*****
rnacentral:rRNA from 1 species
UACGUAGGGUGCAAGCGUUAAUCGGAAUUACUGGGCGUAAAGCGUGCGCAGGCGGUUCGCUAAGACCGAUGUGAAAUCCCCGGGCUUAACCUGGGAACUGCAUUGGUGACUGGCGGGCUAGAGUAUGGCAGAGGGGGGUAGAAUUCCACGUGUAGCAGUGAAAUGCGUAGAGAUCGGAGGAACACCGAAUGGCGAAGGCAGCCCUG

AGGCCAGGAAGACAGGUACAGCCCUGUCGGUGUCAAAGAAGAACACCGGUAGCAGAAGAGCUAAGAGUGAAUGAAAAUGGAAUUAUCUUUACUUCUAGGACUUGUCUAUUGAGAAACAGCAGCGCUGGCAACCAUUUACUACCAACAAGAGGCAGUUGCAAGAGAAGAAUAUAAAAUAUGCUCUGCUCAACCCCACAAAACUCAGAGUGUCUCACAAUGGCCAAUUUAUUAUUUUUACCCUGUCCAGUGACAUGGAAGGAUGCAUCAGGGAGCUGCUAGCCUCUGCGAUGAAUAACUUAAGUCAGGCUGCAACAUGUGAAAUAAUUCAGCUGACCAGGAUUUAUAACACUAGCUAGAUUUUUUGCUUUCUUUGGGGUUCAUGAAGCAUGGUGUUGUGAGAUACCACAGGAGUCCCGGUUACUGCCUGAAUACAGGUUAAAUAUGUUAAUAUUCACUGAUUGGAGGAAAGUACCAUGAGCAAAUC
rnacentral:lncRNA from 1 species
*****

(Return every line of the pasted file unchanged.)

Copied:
rnacentral:rRNA from 1 species
UACGUAGGGUGCAAGCGUUAAUCGGAAUUACUGGGCGUAAAGCGUGCGCAGGCGGUUCGCUAAGACCGAUGUGAAAUCCCCGGGCUUAACCUGGGAACUGCAUUGGUGACUGGCGGGCUAGAGUAUGGCAGAGGGGGGUAGAAUUCCACGUGUAGCAGUGAAAUGCGUAGAGAUCGGAGGAACACCGAAUGGCGAAGGCAGCCCUG

AGGCCAGGAAGACAGGUACAGCCCUGUCGGUGUCAAAGAAGAACACCGGUAGCAGAAGAGCUAAGAGUGAAUGAAAAUGGAAUUAUCUUUACUUCUAGGACUUGUCUAUUGAGAAACAGCAGCGCUGGCAACCAUUUACUACCAACAAGAGGCAGUUGCAAGAGAAGAAUAUAAAAUAUGCUCUGCUCAACCCCACAAAACUCAGAGUGUCUCACAAUGGCCAAUUUAUUAUUUUUACCCUGUCCAGUGACAUGGAAGGAUGCAUCAGGGAGCUGCUAGCCUCUGCGAUGAAUAACUUAAGUCAGGCUGCAACAUGUGAAAUAAUUCAGCUGACCAGGAUUUAUAACACUAGCUAGAUUUUUUGCUUUCUUUGGGGUUCAUGAAGCAUGGUGUUGUGAGAUACCACAGGAGUCCCGGUUACUGCCUGAAUACAGGUUAAAUAUGUUAAUAUUCACUGAUUGGAGGAAAGUACCAUGAGCAAAUC
rnacentral:lncRNA from 1 species